California Proposition 19, the Property Tax Transfers, Exemptions, and Revenue of Wildfire Agencies and Counties Amendment, was recently approved by a 51.1% majority vote. Now, many homeowners are wondering how they will be impacted as we move into 2021. Let’s take a closer look!
A YES on Prop 19: The Impact on Homeowners
Proposition 19 was on the ballot in California as a legislatively referred constitutional amendment directed at changing specific property tax rules. Here is what the YES vote means:
Change in Tax Assessment for Eligible Homeowners
Under the previous law, virtually all California homes were subject to a post-purchase reassessment of their tax value. This meant that anytime someone moved, they would be taxed on the value of their new home. However, Prop 19 allows “eligible homeowners to transfer their tax assessments anywhere within the state and [allows] tax assessments to be transferred to a more expensive home with an upward adjustment.” It also increases the number of times eligible homeowners can transfer their assessments from one to three.
The hope for Prop 19 is that it will encourage more home sales for those over 55 by reducing their concerns about rising tax bills. According to Daniel Yukelson, executive director of the Apartment Association of Greater Los Angeles, “This is a proposal being put forth by the real estate industry to gin up commissions by encouraging older Californians to sell their homes.” Over the past few years, the number of real estate transactions on homes owned by baby boomers has declined due to economic insecurity. Prop 19 has the potential to reverse the trend, promoting higher transaction velocity and allowing younger generations to penetrate the housing market.
To get a better idea of how this works, let’s look at an example. If a 58-year old resident has been living in their home for the last 20 years – a house they bought for $200,000 – they might be reluctant to move because even downsizing would result in an increase in taxes. With the new proposition, they can now move to a smaller home without that financial hardship, ultimately freeing up more inventory for growing families who might purchase the vacated home.
Change in Tax Assessment for Inherited Homes
While making life a little easier for long-time homeowners, Prop 19 also places new rules on inherited homes. Inherited homes that are not used by principal residents – for example, second homes or rentals – must be reassessed at market value when transferred. This is a change to current laws, which allowed homes to be transferred without a reassessment of property value – A loophole that has been financially burdening counties for years. There is one exception: If the family member who inherits the property resides in the inherited home, then the first $1 million would be exempt from reassessment when transferred.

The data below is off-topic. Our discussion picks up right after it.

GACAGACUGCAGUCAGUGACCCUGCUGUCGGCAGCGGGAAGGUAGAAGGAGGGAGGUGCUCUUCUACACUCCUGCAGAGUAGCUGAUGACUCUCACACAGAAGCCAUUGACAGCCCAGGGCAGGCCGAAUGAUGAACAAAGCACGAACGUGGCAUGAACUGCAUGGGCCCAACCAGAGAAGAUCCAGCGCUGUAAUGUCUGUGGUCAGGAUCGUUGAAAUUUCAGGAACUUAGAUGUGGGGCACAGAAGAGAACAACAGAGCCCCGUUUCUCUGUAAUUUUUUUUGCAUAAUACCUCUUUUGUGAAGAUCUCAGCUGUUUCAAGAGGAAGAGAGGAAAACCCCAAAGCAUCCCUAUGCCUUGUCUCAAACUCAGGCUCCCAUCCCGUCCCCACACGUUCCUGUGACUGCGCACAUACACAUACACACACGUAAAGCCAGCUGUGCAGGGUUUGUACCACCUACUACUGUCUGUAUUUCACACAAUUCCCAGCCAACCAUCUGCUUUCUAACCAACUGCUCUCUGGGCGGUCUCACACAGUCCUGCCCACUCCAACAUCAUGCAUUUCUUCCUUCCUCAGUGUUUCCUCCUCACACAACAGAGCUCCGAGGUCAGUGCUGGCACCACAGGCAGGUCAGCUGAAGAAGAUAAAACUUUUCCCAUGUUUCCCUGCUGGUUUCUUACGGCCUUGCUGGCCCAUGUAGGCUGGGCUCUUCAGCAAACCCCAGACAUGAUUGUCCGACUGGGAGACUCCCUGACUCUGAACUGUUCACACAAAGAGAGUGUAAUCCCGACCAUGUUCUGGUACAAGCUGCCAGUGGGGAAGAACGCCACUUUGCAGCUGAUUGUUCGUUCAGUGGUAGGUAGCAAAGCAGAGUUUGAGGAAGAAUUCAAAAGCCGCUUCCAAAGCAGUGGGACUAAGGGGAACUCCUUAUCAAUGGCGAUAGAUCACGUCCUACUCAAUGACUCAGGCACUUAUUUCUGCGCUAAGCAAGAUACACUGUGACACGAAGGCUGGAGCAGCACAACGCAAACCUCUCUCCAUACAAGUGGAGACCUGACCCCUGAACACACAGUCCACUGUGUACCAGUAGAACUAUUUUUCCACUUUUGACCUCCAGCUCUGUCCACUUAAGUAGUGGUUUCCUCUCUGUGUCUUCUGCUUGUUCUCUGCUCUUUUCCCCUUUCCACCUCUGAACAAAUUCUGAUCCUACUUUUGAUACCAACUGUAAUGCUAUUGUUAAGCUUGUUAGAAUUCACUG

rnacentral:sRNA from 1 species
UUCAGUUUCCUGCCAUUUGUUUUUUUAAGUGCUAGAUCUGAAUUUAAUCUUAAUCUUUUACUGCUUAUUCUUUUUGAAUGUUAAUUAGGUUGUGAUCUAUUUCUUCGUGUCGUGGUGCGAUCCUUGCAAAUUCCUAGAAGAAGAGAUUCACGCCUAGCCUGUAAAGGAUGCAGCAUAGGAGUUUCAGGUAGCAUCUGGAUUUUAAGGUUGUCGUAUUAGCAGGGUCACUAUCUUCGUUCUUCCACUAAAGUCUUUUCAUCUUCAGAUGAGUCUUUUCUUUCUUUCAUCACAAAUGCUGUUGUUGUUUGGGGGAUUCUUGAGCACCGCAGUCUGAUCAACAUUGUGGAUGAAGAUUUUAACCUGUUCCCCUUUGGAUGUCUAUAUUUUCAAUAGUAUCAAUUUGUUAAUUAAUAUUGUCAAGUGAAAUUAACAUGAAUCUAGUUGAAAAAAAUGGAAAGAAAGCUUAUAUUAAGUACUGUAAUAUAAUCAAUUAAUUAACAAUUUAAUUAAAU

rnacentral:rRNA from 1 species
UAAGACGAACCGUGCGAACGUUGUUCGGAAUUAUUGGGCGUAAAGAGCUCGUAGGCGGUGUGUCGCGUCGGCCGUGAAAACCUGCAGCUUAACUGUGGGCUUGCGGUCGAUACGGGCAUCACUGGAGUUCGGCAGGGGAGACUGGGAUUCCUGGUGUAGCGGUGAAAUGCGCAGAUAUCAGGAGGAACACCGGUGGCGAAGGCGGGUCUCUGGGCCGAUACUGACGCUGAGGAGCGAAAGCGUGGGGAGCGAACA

For example, under the previous law, if a daughter inherited her parents’ home in Palo Alto, she was previously able to rent it out and continue to pay property taxes based on her parents’ rates. But under the new proposition, she will need to move into the home if she wants to keep the tax bill low; otherwise, she must be prepared to pay higher taxes.
The state is expected to financially benefit from this change. According to Prop 19, these are a few of the expected perks:
- Both schools and local governments could gain tens of millions of dollars in property tax revenue per year. These gains could grow over time to a few hundred million dollars per year.
- Revenue from other taxes could increase by tens of millions of dollars per year for both the state and local governments. Most of this new state revenue would be spent on fire protection.
Santa Barbara Mayor Cathy Murillo reported that “[Proposition] 19 will create a historic fire fund that cannot be rated.” She concluded, “This will help many communities in the Central Coast by providing firefighters with resources that are desperately needed. More than that, Prop. 19 will also generate hundreds of millions of dollars for local governments and school districts.”
The new changes are set to commence on February 16, 2021.
Benefits for Homeowners: Selling High, Keeping Taxes Low
Like in the first example above, the most significant benefit for current homeowners affects those who are ready to downsize but can’t financially commit to the higher taxes they might face. They can now safely transition into a retirement home and allow the next generation to enjoy the same slice of the American Dream they have enjoyed: homeownership. In the current market, this is a welcome change.
Over the past few years, housing inventory in the state has remained low, and with the current low-interest rates, buyers are flocking to the market despite the fact that homes are hard to come by in this seller’s market. Luckily, with the passage of Prop 19, more properties should become available as more eligible homeowners will finally be able to transition to smaller homes (or bigger!), all while benefiting from current economic trends.
While some detractors have expressed concerns about a glut of housing, the influx in available homes resulting from this proposition is not expected to flood the market; home prices will remain high, allowing homeowners to maximize their sale.
Looking at the Numbers
Homeowners in Santa Cruz County, especially, may find themselves in a particularly good position. The average home price in the county in 1999 was $400,439. The county’s average value in 2019 was $1,015,087 – a 153% increase in home values over the last two decades! Those who bought in 2009, when home prices averaged $546,006, have experienced an 86% average increase in their home value. For anyone mulling over a transition into their next home, the savings from this tax may make that decision easy.
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